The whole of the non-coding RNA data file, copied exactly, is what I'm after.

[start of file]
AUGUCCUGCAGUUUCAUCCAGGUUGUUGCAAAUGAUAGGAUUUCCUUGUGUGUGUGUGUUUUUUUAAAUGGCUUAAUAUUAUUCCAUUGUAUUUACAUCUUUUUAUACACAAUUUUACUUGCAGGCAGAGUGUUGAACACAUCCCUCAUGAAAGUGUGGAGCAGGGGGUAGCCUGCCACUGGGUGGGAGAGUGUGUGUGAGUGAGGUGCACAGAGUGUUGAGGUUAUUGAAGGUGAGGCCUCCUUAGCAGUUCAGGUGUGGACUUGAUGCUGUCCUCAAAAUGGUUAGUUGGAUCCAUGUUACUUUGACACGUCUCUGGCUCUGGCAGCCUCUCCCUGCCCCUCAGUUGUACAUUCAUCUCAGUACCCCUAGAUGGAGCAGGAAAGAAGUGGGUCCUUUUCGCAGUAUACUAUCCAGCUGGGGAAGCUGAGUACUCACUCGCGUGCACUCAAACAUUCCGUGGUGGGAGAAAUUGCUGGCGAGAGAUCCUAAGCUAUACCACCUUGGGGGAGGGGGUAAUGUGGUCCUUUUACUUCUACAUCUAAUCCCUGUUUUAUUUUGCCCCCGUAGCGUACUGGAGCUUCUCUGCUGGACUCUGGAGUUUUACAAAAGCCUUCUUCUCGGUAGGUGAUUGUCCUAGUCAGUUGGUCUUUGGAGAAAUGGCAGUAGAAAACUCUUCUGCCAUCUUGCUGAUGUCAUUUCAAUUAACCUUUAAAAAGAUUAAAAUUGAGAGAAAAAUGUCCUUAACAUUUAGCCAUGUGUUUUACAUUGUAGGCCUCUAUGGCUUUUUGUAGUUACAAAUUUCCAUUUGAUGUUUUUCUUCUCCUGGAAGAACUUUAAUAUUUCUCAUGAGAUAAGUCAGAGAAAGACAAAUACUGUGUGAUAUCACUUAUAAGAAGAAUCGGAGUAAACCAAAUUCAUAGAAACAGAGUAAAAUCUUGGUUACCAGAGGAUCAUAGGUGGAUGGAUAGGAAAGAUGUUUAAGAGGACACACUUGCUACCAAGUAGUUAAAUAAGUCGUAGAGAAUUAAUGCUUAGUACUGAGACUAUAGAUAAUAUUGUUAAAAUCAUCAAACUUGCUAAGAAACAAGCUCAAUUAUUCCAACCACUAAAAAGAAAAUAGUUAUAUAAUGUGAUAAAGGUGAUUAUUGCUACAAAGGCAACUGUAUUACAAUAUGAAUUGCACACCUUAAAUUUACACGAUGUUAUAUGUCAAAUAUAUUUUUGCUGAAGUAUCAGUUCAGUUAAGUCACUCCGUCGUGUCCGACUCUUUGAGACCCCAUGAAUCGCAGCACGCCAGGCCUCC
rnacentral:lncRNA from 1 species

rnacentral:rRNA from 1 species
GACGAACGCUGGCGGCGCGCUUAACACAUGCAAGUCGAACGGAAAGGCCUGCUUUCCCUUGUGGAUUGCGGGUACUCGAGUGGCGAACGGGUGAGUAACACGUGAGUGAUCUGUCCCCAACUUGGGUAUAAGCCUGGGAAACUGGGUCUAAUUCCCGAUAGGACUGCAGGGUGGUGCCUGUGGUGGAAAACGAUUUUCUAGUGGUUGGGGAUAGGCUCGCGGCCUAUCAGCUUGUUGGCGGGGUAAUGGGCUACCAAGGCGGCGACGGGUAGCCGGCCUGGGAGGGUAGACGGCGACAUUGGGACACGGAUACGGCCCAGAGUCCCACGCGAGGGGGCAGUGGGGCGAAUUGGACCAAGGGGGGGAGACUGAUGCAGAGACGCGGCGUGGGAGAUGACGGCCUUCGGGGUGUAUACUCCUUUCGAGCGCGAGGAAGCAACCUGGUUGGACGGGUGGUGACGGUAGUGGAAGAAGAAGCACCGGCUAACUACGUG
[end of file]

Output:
AUGUCCUGCAGUUUCAUCCAGGUUGUUGCAAAUGAUAGGAUUUCCUUGUGUGUGUGUGUUUUUUUAAAUGGCUUAAUAUUAUUCCAUUGUAUUUACAUCUUUUUAUACACAAUUUUACUUGCAGGCAGAGUGUUGAACACAUCCCUCAUGAAAGUGUGGAGCAGGGGGUAGCCUGCCACUGGGUGGGAGAGUGUGUGUGAGUGAGGUGCACAGAGUGUUGAGGUUAUUGAAGGUGAGGCCUCCUUAGCAGUUCAGGUGUGGACUUGAUGCUGUCCUCAAAAUGGUUAGUUGGAUCCAUGUUACUUUGACACGUCUCUGGCUCUGGCAGCCUCUCCCUGCCCCUCAGUUGUACAUUCAUCUCAGUACCCCUAGAUGGAGCAGGAAAGAAGUGGGUCCUUUUCGCAGUAUACUAUCCAGCUGGGGAAGCUGAGUACUCACUCGCGUGCACUCAAACAUUCCGUGGUGGGAGAAAUUGCUGGCGAGAGAUCCUAAGCUAUACCACCUUGGGGGAGGGGGUAAUGUGGUCCUUUUACUUCUACAUCUAAUCCCUGUUUUAUUUUGCCCCCGUAGCGUACUGGAGCUUCUCUGCUGGACUCUGGAGUUUUACAAAAGCCUUCUUCUCGGUAGGUGAUUGUCCUAGUCAGUUGGUCUUUGGAGAAAUGGCAGUAGAAAACUCUUCUGCCAUCUUGCUGAUGUCAUUUCAAUUAACCUUUAAAAAGAUUAAAAUUGAGAGAAAAAUGUCCUUAACAUUUAGCCAUGUGUUUUACAUUGUAGGCCUCUAUGGCUUUUUGUAGUUACAAAUUUCCAUUUGAUGUUUUUCUUCUCCUGGAAGAACUUUAAUAUUUCUCAUGAGAUAAGUCAGAGAAAGACAAAUACUGUGUGAUAUCACUUAUAAGAAGAAUCGGAGUAAACCAAAUUCAUAGAAACAGAGUAAAAUCUUGGUUACCAGAGGAUCAUAGGUGGAUGGAUAGGAAAGAUGUUUAAGAGGACACACUUGCUACCAAGUAGUUAAAUAAGUCGUAGAGAAUUAAUGCUUAGUACUGAGACUAUAGAUAAUAUUGUUAAAAUCAUCAAACUUGCUAAGAAACAAGCUCAAUUAUUCCAACCACUAAAAAGAAAAUAGUUAUAUAAUGUGAUAAAGGUGAUUAUUGCUACAAAGGCAACUGUAUUACAAUAUGAAUUGCACACCUUAAAUUUACACGAUGUUAUAUGUCAAAUAUAUUUUUGCUGAAGUAUCAGUUCAGUUAAGUCACUCCGUCGUGUCCGACUCUUUGAGACCCCAUGAAUCGCAGCACGCCAGGCCUCC
rnacentral:lncRNA from 1 species

rnacentral:rRNA from 1 species
GACGAACGCUGGCGGCGCGCUUAACACAUGCAAGUCGAACGGAAAGGCCUGCUUUCCCUUGUGGAUUGCGGGUACUCGAGUGGCGAACGGGUGAGUAACACGUGAGUGAUCUGUCCCCAACUUGGGUAUAAGCCUGGGAAACUGGGUCUAAUUCCCGAUAGGACUGCAGGGUGGUGCCUGUGGUGGAAAACGAUUUUCUAGUGGUUGGGGAUAGGCUCGCGGCCUAUCAGCUUGUUGGCGGGGUAAUGGGCUACCAAGGCGGCGACGGGUAGCCGGCCUGGGAGGGUAGACGGCGACAUUGGGACACGGAUACGGCCCAGAGUCCCACGCGAGGGGGCAGUGGGGCGAAUUGGACCAAGGGGGGGAGACUGAUGCAGAGACGCGGCGUGGGAGAUGACGGCCUUCGGGGUGUAUACUCCUUUCGAGCGCGAGGAAGCAACCUGGUUGGACGGGUGGUGACGGUAGUGGAAGAAGAAGCACCGGCUAACUACGUG